RPG Academy: Debug Done Right - A Step-by-Step Debug Session, Part 2

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Let's continue our debug session where we left off and learn a few more debug tips and tricks!

Written by Rafael Victoria-Pereira

In order to get the most out of this TechTip, you'll need to read or re-read Part 1 of this TechTip and follow the instructions it contains, because this one will continue exactly where the last one ended.

After pressing F12 and getting back to the command line (yup, that's the last instruction of the previous TechTip) and assuming you didn't issue an ENDDBG command, you can still see the Display Module screen again. Simply type DSPMODSRC. The Display Module Source command does exactly what its name suggests. It's a good way to see if you're still in debug mode, because it works only in that mode. If you run this command and get a "command not allowed"-like error message, you know that your debug was terminated. I know quite a few programmers who didn't know that this command existed and were used to terminating the debug session and starting a new one, losing all their breakpoints and watches, just to get to the Display Module screen!

Let's execute TST_DTEOPS again and see what happens. The execution stopped before reaching the first line of code! Why? Well, because there's a watch on W_DayNbr, and the variable is initialized in the definition line. In other words, the variable's contents changed since the last time the watch was triggered, so the initialization process caused by the INZ keyword in the variable definition triggered the watch, which forced execution to stop.

Press F10 to advance a few steps, until the first line of code - the one that assigns '2014-11-16' to W_Date - is executed; press F10 again to run that statement. Now place the cursor over W_Date and press F23. The debugger will prompt you for the new value for W_Date; type today's date and press Enter. Alternatively, you can type Eval W_Date = '<today's date>' and press Enter. Note that because of the W_Date definition, you must enclose the date in apostrophes, like the assignment statement in line 18 and the conditional breakpoint in Figure 3 of the previous TechTip.

Press F12 to resume execution. You'll see that, of the two breakpoints that you defined in lines 21 and 24, only the latter is triggered. No, there's nothing wrong with the debugger - just like the watch, both breakpoints are still active. So, what's going on? Remember that the breakpoint in line 21 is conditional. It will be triggered only if W_Date is equal to '2014-11-16'. You changed that variable's content to the current date, so when the debugger evaluated the condition associated with the breakpoint and determined that it was false, it decided the breakpoint shouldn't be triggered.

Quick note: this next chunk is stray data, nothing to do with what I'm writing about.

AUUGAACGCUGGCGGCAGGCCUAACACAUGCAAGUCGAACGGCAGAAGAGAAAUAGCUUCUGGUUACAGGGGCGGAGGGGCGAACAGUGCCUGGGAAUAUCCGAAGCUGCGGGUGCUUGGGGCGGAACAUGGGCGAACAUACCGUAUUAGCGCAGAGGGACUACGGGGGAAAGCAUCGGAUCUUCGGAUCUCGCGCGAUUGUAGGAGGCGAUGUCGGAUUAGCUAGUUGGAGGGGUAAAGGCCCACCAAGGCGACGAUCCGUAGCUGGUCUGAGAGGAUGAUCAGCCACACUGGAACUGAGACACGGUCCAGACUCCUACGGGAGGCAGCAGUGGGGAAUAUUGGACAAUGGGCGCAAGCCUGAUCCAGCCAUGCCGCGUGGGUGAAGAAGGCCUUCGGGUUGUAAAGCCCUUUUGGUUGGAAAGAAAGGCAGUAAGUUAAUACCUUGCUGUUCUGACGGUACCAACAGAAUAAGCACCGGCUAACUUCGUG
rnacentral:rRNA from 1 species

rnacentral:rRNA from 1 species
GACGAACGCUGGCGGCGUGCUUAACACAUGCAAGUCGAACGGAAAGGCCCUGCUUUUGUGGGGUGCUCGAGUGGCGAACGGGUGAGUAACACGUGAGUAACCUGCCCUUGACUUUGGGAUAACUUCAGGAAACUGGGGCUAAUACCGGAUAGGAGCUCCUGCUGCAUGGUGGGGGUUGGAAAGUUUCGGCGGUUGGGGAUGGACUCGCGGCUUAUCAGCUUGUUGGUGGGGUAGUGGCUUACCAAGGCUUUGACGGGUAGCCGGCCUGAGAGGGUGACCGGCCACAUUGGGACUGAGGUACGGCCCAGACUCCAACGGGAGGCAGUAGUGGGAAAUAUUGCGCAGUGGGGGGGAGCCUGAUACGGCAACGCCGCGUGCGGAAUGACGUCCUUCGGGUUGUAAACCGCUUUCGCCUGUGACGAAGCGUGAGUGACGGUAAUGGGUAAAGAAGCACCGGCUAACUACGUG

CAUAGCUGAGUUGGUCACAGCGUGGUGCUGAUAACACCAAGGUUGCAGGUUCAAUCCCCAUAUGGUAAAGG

Feel free to play around a bit with the debugger, exploring the function keys available in the Display Module screen, as I didn't cover all of them. When you're done, return to the command line and type ENDDBG, followed by Enter. This will end your debug session, freeing up the resources allocated to the ILE debugger. Table 1 summarizes the new debug commands mentioned In this and the previous TechTip.

A Debug Commands Summary



What It Does

BREAK <line number>

BR <line number>

Inserts/removes an unconditional breakpoint in line <line number>.

BREAK <line number> WHEN <condition>

BR <line number> WHEN <condition>

Inserts a conditional breakpoint in line <line number> that will be triggered only when the condition is satisfied.

EVAL <variable name>

EV <variable name>

Displays the content of the <variable name> variable. Positioning the cursor over the variable and pressing F11 does the same thing.

EVAL <variable name> = <new value>

EV <variable name> = <new value>

Assigns the value <new value> to the <variable name> variable. Positioning the cursor over the variable, pressing F23, typing the new value, and pressing Enter does the same thing.

STEP <number of statements>

ST <number of statements>

Allows you to run one or more statements of the source code being debugged. Pressing F10 <number of statements> times does the same thing.

STEP <number of statements> INTO

ST <number of statements> INT

Allows you to run one or more statements of the source code being debugged and drills down into the procedure, function, or program being executed, if possible. Pressing F20 accomplishes the same thing. The object to debug must have been compiled with debug view for this to work.


The "Debug Done Right" subseries has thus far provided you with the tools and knowledge to perform more efficient and pleasant (if debugging can ever be pleasant) debug sessions. However, the ILE debugger, just like the Interactive Source Debugger, has its quirks and can be hard to master. Don't be discouraged by your initial attempts. After a few tries, you'll get the hang of it and you'll never want to go back!

The remainder of this subseries will move to other interesting uses of the ILE debugger, such as debugging service programs, OPM and CL programs, and even batch jobs! Stay tuned for the next TechTips of this RPG Academy subseries.